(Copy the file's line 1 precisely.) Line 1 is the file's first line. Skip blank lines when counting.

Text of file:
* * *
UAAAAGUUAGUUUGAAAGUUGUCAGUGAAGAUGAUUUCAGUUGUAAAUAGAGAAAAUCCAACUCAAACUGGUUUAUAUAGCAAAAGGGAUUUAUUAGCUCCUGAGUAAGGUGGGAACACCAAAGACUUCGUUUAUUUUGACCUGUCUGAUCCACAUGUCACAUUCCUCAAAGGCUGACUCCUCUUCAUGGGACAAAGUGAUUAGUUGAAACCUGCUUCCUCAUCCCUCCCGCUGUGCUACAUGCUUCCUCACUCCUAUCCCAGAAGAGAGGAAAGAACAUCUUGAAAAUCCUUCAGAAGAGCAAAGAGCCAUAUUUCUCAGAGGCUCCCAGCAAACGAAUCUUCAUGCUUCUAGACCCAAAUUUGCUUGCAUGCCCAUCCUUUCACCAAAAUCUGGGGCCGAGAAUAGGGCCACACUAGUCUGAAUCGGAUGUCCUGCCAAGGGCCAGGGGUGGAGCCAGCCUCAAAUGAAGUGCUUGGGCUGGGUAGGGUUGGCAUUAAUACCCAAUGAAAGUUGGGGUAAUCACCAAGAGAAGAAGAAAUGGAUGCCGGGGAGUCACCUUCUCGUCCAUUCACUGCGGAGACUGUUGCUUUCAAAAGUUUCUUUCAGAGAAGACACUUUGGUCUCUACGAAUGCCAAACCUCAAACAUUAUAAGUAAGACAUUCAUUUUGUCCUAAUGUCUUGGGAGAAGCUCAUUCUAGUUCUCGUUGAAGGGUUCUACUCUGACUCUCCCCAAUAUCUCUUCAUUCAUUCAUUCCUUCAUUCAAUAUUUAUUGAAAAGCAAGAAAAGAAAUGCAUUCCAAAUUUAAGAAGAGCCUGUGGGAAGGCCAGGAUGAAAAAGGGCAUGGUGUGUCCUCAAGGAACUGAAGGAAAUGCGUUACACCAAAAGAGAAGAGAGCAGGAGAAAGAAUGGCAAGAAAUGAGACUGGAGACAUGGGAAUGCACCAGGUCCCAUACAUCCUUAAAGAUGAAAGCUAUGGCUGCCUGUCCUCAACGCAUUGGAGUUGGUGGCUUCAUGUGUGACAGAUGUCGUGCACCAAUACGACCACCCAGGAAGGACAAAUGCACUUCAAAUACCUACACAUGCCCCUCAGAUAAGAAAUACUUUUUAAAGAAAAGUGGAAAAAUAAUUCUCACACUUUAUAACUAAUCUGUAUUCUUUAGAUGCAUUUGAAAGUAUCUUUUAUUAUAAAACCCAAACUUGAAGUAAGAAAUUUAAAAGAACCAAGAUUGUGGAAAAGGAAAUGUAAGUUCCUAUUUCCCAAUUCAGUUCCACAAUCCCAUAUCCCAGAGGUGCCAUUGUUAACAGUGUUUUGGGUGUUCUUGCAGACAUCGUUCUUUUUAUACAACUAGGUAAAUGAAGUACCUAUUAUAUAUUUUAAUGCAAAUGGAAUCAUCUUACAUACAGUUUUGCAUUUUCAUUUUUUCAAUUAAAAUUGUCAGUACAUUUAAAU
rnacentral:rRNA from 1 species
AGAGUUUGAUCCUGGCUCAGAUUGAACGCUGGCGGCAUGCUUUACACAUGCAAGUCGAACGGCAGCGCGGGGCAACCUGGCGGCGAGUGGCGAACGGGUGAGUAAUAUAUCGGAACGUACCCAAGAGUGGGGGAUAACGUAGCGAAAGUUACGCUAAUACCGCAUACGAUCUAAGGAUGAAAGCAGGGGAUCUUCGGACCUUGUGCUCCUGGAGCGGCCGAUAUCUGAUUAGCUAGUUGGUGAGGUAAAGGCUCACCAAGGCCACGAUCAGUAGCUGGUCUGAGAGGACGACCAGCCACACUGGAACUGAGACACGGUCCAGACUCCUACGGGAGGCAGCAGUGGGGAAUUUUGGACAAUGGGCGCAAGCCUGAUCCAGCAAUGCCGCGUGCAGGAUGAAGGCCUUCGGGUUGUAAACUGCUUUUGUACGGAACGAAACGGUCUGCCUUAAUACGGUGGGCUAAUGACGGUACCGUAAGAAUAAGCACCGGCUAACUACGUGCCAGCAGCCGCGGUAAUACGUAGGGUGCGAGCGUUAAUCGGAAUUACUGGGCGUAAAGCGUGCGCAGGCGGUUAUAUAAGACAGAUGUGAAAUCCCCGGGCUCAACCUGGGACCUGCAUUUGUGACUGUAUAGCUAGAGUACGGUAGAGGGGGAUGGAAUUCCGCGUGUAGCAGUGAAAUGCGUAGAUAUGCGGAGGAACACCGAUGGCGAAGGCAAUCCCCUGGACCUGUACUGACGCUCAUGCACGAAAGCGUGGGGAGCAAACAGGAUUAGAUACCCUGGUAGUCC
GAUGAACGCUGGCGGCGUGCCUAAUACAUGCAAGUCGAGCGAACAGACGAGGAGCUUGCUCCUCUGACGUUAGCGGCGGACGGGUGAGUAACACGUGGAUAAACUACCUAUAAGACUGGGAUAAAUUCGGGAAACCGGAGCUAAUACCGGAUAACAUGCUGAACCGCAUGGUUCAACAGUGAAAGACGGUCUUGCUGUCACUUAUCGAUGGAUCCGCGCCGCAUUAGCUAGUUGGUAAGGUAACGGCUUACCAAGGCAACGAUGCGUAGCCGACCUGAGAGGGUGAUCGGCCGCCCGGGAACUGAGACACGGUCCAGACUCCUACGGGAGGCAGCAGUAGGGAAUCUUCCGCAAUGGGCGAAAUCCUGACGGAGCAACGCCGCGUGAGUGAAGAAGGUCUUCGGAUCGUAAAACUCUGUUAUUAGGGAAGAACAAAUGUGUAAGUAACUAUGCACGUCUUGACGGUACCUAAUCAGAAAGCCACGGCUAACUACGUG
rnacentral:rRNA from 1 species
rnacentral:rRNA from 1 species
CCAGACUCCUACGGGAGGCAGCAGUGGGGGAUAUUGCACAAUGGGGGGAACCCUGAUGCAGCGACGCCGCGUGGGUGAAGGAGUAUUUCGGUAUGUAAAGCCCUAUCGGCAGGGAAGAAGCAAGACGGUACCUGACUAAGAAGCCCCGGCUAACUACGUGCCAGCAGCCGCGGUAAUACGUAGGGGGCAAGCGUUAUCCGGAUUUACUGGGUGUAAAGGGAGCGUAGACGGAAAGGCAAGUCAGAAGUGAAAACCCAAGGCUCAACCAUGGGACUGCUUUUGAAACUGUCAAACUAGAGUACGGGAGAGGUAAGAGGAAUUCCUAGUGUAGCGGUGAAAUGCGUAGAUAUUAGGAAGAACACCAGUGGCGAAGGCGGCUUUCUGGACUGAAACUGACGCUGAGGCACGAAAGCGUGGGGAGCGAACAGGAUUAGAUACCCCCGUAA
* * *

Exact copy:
UAAAAGUUAGUUUGAAAGUUGUCAGUGAAGAUGAUUUCAGUUGUAAAUAGAGAAAAUCCAACUCAAACUGGUUUAUAUAGCAAAAGGGAUUUAUUAGCUCCUGAGUAAGGUGGGAACACCAAAGACUUCGUUUAUUUUGACCUGUCUGAUCCACAUGUCACAUUCCUCAAAGGCUGACUCCUCUUCAUGGGACAAAGUGAUUAGUUGAAACCUGCUUCCUCAUCCCUCCCGCUGUGCUACAUGCUUCCUCACUCCUAUCCCAGAAGAGAGGAAAGAACAUCUUGAAAAUCCUUCAGAAGAGCAAAGAGCCAUAUUUCUCAGAGGCUCCCAGCAAACGAAUCUUCAUGCUUCUAGACCCAAAUUUGCUUGCAUGCCCAUCCUUUCACCAAAAUCUGGGGCCGAGAAUAGGGCCACACUAGUCUGAAUCGGAUGUCCUGCCAAGGGCCAGGGGUGGAGCCAGCCUCAAAUGAAGUGCUUGGGCUGGGUAGGGUUGGCAUUAAUACCCAAUGAAAGUUGGGGUAAUCACCAAGAGAAGAAGAAAUGGAUGCCGGGGAGUCACCUUCUCGUCCAUUCACUGCGGAGACUGUUGCUUUCAAAAGUUUCUUUCAGAGAAGACACUUUGGUCUCUACGAAUGCCAAACCUCAAACAUUAUAAGUAAGACAUUCAUUUUGUCCUAAUGUCUUGGGAGAAGCUCAUUCUAGUUCUCGUUGAAGGGUUCUACUCUGACUCUCCCCAAUAUCUCUUCAUUCAUUCAUUCCUUCAUUCAAUAUUUAUUGAAAAGCAAGAAAAGAAAUGCAUUCCAAAUUUAAGAAGAGCCUGUGGGAAGGCCAGGAUGAAAAAGGGCAUGGUGUGUCCUCAAGGAACUGAAGGAAAUGCGUUACACCAAAAGAGAAGAGAGCAGGAGAAAGAAUGGCAAGAAAUGAGACUGGAGACAUGGGAAUGCACCAGGUCCCAUACAUCCUUAAAGAUGAAAGCUAUGGCUGCCUGUCCUCAACGCAUUGGAGUUGGUGGCUUCAUGUGUGACAGAUGUCGUGCACCAAUACGACCACCCAGGAAGGACAAAUGCACUUCAAAUACCUACACAUGCCCCUCAGAUAAGAAAUACUUUUUAAAGAAAAGUGGAAAAAUAAUUCUCACACUUUAUAACUAAUCUGUAUUCUUUAGAUGCAUUUGAAAGUAUCUUUUAUUAUAAAACCCAAACUUGAAGUAAGAAAUUUAAAAGAACCAAGAUUGUGGAAAAGGAAAUGUAAGUUCCUAUUUCCCAAUUCAGUUCCACAAUCCCAUAUCCCAGAGGUGCCAUUGUUAACAGUGUUUUGGGUGUUCUUGCAGACAUCGUUCUUUUUAUACAACUAGGUAAAUGAAGUACCUAUUAUAUAUUUUAAUGCAAAUGGAAUCAUCUUACAUACAGUUUUGCAUUUUCAUUUUUUCAAUUAAAAUUGUCAGUACAUUUAAAU